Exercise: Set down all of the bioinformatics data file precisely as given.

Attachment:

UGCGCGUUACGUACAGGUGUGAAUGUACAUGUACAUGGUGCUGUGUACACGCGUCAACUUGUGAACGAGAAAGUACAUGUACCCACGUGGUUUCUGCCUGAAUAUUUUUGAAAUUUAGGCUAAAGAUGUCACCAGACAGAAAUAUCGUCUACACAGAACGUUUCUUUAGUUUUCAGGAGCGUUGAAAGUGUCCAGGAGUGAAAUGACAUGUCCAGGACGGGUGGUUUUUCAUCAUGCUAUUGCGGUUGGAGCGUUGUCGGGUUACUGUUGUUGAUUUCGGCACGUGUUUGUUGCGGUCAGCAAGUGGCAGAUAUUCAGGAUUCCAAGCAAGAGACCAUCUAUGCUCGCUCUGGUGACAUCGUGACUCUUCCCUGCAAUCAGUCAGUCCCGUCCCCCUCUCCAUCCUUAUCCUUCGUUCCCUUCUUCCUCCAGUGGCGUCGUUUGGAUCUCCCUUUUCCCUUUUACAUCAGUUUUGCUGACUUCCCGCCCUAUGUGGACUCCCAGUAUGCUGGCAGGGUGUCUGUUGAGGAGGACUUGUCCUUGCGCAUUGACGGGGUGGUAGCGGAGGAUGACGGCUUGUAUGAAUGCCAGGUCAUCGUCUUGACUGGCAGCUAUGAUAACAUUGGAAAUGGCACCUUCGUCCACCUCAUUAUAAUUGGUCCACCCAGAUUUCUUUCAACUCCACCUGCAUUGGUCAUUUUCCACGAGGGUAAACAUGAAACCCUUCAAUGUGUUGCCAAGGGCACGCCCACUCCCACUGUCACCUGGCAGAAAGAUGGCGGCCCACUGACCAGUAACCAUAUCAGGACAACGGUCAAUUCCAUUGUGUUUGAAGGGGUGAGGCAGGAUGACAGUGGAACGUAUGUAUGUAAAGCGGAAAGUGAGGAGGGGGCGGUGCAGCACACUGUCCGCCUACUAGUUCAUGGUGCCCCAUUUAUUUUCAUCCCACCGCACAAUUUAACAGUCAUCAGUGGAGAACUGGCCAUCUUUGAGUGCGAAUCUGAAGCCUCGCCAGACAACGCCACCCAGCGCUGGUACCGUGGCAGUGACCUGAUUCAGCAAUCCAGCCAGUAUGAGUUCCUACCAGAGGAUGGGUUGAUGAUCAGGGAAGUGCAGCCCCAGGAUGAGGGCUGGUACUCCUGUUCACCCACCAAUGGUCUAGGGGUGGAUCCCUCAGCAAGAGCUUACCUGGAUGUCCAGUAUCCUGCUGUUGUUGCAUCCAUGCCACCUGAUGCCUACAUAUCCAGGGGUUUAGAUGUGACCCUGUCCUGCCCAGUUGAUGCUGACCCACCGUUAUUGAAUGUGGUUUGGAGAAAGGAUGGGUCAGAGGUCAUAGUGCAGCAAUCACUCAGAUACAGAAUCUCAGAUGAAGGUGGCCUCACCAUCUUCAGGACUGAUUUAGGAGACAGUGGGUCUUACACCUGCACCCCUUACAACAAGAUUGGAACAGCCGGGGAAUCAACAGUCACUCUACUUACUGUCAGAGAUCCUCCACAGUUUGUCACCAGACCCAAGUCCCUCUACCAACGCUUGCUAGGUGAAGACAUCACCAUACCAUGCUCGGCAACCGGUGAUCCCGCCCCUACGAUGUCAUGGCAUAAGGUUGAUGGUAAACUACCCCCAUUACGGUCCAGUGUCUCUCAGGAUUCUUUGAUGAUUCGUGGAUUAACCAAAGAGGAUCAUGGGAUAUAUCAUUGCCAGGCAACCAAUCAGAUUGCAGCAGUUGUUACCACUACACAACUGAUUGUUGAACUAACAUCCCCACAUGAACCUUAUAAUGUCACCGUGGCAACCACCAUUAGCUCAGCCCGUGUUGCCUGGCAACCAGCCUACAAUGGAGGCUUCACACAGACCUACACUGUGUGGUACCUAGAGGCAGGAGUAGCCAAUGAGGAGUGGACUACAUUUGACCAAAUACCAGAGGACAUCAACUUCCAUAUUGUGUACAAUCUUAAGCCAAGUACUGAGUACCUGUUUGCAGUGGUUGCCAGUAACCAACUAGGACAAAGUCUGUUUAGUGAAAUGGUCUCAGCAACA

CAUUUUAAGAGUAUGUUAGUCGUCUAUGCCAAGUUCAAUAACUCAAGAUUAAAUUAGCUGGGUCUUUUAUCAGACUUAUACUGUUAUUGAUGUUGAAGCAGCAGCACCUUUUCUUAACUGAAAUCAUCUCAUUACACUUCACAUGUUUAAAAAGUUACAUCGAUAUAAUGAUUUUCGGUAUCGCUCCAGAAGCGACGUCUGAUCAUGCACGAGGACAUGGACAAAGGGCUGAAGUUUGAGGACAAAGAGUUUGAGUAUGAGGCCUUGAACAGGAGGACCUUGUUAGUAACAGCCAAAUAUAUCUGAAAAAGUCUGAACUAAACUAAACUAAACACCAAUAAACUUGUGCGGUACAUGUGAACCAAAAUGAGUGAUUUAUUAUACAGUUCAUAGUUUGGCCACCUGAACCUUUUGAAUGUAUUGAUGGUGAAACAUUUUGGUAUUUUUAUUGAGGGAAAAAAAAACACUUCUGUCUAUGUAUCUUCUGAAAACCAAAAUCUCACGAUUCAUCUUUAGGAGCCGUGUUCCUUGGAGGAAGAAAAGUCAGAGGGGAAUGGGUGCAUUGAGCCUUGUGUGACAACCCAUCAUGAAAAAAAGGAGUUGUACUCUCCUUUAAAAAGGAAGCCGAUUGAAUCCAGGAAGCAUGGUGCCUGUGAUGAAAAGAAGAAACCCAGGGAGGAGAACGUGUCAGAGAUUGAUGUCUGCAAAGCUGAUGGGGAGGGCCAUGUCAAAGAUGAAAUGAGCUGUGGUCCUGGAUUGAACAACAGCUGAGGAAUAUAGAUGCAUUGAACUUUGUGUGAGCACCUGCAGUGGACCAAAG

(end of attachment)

UGCGCGUUACGUACAGGUGUGAAUGUACAUGUACAUGGUGCUGUGUACACGCGUCAACUUGUGAACGAGAAAGUACAUGUACCCACGUGGUUUCUGCCUGAAUAUUUUUGAAAUUUAGGCUAAAGAUGUCACCAGACAGAAAUAUCGUCUACACAGAACGUUUCUUUAGUUUUCAGGAGCGUUGAAAGUGUCCAGGAGUGAAAUGACAUGUCCAGGACGGGUGGUUUUUCAUCAUGCUAUUGCGGUUGGAGCGUUGUCGGGUUACUGUUGUUGAUUUCGGCACGUGUUUGUUGCGGUCAGCAAGUGGCAGAUAUUCAGGAUUCCAAGCAAGAGACCAUCUAUGCUCGCUCUGGUGACAUCGUGACUCUUCCCUGCAAUCAGUCAGUCCCGUCCCCCUCUCCAUCCUUAUCCUUCGUUCCCUUCUUCCUCCAGUGGCGUCGUUUGGAUCUCCCUUUUCCCUUUUACAUCAGUUUUGCUGACUUCCCGCCCUAUGUGGACUCCCAGUAUGCUGGCAGGGUGUCUGUUGAGGAGGACUUGUCCUUGCGCAUUGACGGGGUGGUAGCGGAGGAUGACGGCUUGUAUGAAUGCCAGGUCAUCGUCUUGACUGGCAGCUAUGAUAACAUUGGAAAUGGCACCUUCGUCCACCUCAUUAUAAUUGGUCCACCCAGAUUUCUUUCAACUCCACCUGCAUUGGUCAUUUUCCACGAGGGUAAACAUGAAACCCUUCAAUGUGUUGCCAAGGGCACGCCCACUCCCACUGUCACCUGGCAGAAAGAUGGCGGCCCACUGACCAGUAACCAUAUCAGGACAACGGUCAAUUCCAUUGUGUUUGAAGGGGUGAGGCAGGAUGACAGUGGAACGUAUGUAUGUAAAGCGGAAAGUGAGGAGGGGGCGGUGCAGCACACUGUCCGCCUACUAGUUCAUGGUGCCCCAUUUAUUUUCAUCCCACCGCACAAUUUAACAGUCAUCAGUGGAGAACUGGCCAUCUUUGAGUGCGAAUCUGAAGCCUCGCCAGACAACGCCACCCAGCGCUGGUACCGUGGCAGUGACCUGAUUCAGCAAUCCAGCCAGUAUGAGUUCCUACCAGAGGAUGGGUUGAUGAUCAGGGAAGUGCAGCCCCAGGAUGAGGGCUGGUACUCCUGUUCACCCACCAAUGGUCUAGGGGUGGAUCCCUCAGCAAGAGCUUACCUGGAUGUCCAGUAUCCUGCUGUUGUUGCAUCCAUGCCACCUGAUGCCUACAUAUCCAGGGGUUUAGAUGUGACCCUGUCCUGCCCAGUUGAUGCUGACCCACCGUUAUUGAAUGUGGUUUGGAGAAAGGAUGGGUCAGAGGUCAUAGUGCAGCAAUCACUCAGAUACAGAAUCUCAGAUGAAGGUGGCCUCACCAUCUUCAGGACUGAUUUAGGAGACAGUGGGUCUUACACCUGCACCCCUUACAACAAGAUUGGAACAGCCGGGGAAUCAACAGUCACUCUACUUACUGUCAGAGAUCCUCCACAGUUUGUCACCAGACCCAAGUCCCUCUACCAACGCUUGCUAGGUGAAGACAUCACCAUACCAUGCUCGGCAACCGGUGAUCCCGCCCCUACGAUGUCAUGGCAUAAGGUUGAUGGUAAACUACCCCCAUUACGGUCCAGUGUCUCUCAGGAUUCUUUGAUGAUUCGUGGAUUAACCAAAGAGGAUCAUGGGAUAUAUCAUUGCCAGGCAACCAAUCAGAUUGCAGCAGUUGUUACCACUACACAACUGAUUGUUGAACUAACAUCCCCACAUGAACCUUAUAAUGUCACCGUGGCAACCACCAUUAGCUCAGCCCGUGUUGCCUGGCAACCAGCCUACAAUGGAGGCUUCACACAGACCUACACUGUGUGGUACCUAGAGGCAGGAGUAGCCAAUGAGGAGUGGACUACAUUUGACCAAAUACCAGAGGACAUCAACUUCCAUAUUGUGUACAAUCUUAAGCCAAGUACUGAGUACCUGUUUGCAGUGGUUGCCAGUAACCAACUAGGACAAAGUCUGUUUAGUGAAAUGGUCUCAGCAACA

CAUUUUAAGAGUAUGUUAGUCGUCUAUGCCAAGUUCAAUAACUCAAGAUUAAAUUAGCUGGGUCUUUUAUCAGACUUAUACUGUUAUUGAUGUUGAAGCAGCAGCACCUUUUCUUAACUGAAAUCAUCUCAUUACACUUCACAUGUUUAAAAAGUUACAUCGAUAUAAUGAUUUUCGGUAUCGCUCCAGAAGCGACGUCUGAUCAUGCACGAGGACAUGGACAAAGGGCUGAAGUUUGAGGACAAAGAGUUUGAGUAUGAGGCCUUGAACAGGAGGACCUUGUUAGUAACAGCCAAAUAUAUCUGAAAAAGUCUGAACUAAACUAAACUAAACACCAAUAAACUUGUGCGGUACAUGUGAACCAAAAUGAGUGAUUUAUUAUACAGUUCAUAGUUUGGCCACCUGAACCUUUUGAAUGUAUUGAUGGUGAAACAUUUUGGUAUUUUUAUUGAGGGAAAAAAAAACACUUCUGUCUAUGUAUCUUCUGAAAACCAAAAUCUCACGAUUCAUCUUUAGGAGCCGUGUUCCUUGGAGGAAGAAAAGUCAGAGGGGAAUGGGUGCAUUGAGCCUUGUGUGACAACCCAUCAUGAAAAAAAGGAGUUGUACUCUCCUUUAAAAAGGAAGCCGAUUGAAUCCAGGAAGCAUGGUGCCUGUGAUGAAAAGAAGAAACCCAGGGAGGAGAACGUGUCAGAGAUUGAUGUCUGCAAAGCUGAUGGGGAGGGCCAUGUCAAAGAUGAAAUGAGCUGUGGUCCUGGAUUGAACAACAGCUGAGGAAUAUAGAUGCAUUGAACUUUGUGUGAGCACCUGCAGUGGACCAAAG